One of the greatest attributes of any employee at any level of the organization is the person's ability to be multitask-oriented. Certain people thrive in an environment of last-minute change, whereas others resent having the rug pulled out from underneath them as they attempt to accomplish a particular goal. If your environment necessitates quickly changing priorities and you hire the one-track, one-speed candidate, you might encounter resentment as the new hire interprets your shifting priorities as a poor, reactive management style. In such cases, you will probably end up spending more time counteracting the new hire's need for control, structure, and defined parameters than you would normally deem acceptable.

Analyzing the Response

This query could unnerve candidates who mentally operate on a more linear playing field and who dislike the lateral thinking involved in coordinating multiple tasks. It's difficult for candidates to proffer an encouraging answer when their inner conscience tells them that they need to avoid such situations. Therefore, you'll probably notice some discomfort in their responses and have your question immediately challenged:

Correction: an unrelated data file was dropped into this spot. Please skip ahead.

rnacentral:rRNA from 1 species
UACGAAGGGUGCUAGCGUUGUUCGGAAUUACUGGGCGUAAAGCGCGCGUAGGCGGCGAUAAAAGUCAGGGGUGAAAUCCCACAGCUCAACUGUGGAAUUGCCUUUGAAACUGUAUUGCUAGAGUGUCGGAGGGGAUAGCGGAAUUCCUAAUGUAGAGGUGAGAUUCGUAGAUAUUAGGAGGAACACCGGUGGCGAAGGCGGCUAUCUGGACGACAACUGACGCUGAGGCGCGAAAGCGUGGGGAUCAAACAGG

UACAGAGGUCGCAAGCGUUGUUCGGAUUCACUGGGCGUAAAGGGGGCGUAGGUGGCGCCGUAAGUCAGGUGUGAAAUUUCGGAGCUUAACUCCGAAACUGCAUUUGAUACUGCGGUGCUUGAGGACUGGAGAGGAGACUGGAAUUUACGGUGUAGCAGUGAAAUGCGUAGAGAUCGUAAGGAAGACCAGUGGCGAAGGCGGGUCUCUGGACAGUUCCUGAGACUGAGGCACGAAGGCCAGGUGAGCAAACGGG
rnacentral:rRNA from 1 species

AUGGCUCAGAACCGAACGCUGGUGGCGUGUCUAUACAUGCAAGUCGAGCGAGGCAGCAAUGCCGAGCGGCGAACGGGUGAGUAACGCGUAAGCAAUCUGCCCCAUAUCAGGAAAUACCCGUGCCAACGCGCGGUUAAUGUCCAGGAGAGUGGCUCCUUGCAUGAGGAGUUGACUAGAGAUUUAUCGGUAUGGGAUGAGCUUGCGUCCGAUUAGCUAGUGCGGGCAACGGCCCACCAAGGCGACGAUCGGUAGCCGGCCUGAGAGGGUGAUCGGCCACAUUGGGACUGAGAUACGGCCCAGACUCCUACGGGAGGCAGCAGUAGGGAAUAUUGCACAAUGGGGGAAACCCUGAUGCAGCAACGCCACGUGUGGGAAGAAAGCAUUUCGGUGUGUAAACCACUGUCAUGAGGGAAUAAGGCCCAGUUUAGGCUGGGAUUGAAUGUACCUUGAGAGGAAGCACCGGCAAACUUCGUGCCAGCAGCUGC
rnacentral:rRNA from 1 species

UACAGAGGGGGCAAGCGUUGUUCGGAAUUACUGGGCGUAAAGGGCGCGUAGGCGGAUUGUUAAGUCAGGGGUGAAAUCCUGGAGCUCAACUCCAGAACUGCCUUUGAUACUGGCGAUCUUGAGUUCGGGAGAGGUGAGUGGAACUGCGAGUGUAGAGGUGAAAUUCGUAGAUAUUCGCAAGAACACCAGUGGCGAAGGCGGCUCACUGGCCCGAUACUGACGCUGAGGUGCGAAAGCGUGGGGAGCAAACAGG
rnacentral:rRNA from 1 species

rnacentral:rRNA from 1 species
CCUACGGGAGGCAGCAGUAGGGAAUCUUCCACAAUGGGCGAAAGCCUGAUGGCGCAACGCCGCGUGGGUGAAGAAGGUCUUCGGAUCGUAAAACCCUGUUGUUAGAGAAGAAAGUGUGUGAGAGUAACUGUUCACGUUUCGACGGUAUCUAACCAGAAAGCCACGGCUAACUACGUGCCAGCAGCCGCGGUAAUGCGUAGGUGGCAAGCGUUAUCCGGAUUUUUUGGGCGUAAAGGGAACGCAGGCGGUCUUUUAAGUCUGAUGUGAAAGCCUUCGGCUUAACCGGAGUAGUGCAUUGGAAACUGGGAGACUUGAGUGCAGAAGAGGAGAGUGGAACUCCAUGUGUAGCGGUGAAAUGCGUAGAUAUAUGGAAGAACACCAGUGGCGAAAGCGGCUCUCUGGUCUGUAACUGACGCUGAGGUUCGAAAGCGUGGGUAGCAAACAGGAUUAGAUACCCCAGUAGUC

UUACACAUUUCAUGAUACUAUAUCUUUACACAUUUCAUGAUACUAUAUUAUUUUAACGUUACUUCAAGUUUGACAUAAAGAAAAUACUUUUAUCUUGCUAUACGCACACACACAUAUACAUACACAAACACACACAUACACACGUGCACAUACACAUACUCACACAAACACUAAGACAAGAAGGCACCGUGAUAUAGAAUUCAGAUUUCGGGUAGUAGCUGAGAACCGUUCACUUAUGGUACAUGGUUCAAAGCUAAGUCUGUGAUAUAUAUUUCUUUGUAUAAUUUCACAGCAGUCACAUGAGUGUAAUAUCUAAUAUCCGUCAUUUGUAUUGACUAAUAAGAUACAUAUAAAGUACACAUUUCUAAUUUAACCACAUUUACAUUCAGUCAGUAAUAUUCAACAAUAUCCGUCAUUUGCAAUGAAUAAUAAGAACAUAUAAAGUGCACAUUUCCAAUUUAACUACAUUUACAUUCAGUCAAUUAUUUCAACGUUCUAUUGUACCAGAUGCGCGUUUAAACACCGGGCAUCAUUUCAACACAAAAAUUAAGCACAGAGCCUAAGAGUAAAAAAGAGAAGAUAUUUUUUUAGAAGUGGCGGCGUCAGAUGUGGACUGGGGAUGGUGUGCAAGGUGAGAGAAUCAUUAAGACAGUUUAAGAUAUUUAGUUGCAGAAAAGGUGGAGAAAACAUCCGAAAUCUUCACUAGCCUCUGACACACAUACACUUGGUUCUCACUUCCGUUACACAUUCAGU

''Oh, does this position require a lot of jumping around from task to task? Not that I mind; it's just that I prefer to complete one task before going on to another.''


Careful now! If the candidate feels so strongly about this particular issue, it probably suggests that she worked before in an environment of quickly changing priorities where she was in over her head. Your query simply sparked feelings of gross discomfort and sent up a signal flare in this individual's memory.

Your follow-up query will naturally attempt to probe for details using a behavioral questioning format: